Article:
Kogami has six days, and then he’s a big blinking light on Sybil’s Big Board. I recall Akane saying stopping Makishima is more important than her remaining an inspector. Would she become a latent criminal to save her beloved colleague from himself, or will she let him do what he feels he needs to do, and hope they won’t cross paths. She won’t be able to just use the Paralyzer a third time.

9_brav

 

Psycho-Pass – 17

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The Cybil System: “It’s not something worth putting your life on the line to protect,” Makishima warns Kogami by phone. As a member of society not under such an invasive system, I knew this intrinsically, and that was before I knew what Sybil actually was. Now that I know the horrifying truth, my revulsion has been galvanized. Now it’s just a question of whether the “good guys” (Tsunemori, Akane & Co.) will catch on.

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Wait…there’s a Division TWO?

After killing Guseong and Kagari, a repaired Chief Kasei propagates the fiction that the latter ran away, and pins the blame on Ginoza. But even if Ginoza himself followed Kagari down to the Sybil Core and saw what he saw, he’d have been eliminated too, and the circumstances covered up as neatly as Kagari’s. For their part, the rest of Division One doesn’t think Kagari ran, but that something happened to him. They just have nothing to go on.

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Kasei tells Ginoza that Makishima is now out of the MWPSB’s authority, and tells him he will be disposed of as a “research specimen”, if he hasn’t already. This is some truly devious shit, because even at the time, when I had no clue Kasei was part of Sybil, this just felt like the higher-ups doing the dirty work that needed to be done to deal with those who fell through the system’s cracks: the criminally asymptomatic. You know, just good old-fashioned corruption at the top.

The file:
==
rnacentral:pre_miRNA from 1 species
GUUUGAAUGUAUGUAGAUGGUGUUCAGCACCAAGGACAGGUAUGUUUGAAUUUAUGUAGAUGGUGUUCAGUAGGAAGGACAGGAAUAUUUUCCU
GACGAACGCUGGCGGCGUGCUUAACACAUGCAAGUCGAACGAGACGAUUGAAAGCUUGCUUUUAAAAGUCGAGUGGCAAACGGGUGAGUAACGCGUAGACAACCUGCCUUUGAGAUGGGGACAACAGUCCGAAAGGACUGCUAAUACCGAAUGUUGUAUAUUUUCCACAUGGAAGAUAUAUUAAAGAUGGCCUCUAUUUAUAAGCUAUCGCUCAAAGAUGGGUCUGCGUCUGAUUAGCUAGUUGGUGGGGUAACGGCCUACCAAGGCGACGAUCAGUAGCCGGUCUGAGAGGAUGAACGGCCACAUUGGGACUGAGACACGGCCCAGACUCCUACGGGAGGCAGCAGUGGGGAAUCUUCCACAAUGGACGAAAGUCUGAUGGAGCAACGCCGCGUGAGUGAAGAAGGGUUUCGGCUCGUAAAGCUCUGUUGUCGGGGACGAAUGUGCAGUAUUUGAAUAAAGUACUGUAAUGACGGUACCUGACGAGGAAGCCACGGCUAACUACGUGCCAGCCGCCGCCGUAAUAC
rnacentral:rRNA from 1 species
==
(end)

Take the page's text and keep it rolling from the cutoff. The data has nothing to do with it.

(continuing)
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I had no frelling idea what was really going on…not until Kasei shows up in Makishima’s hospital berth and talks to him like an old friend, because he’s actually Touma Kouzaburou, that teacher who made body part sculpture and disappeared. This is when shit starts being revealed even Makishima couldn’t have fathomed, for all his literary efficacy. Touma is one of 247 disembodied human brains working as one that form the network that is the Sybil System. Shudder.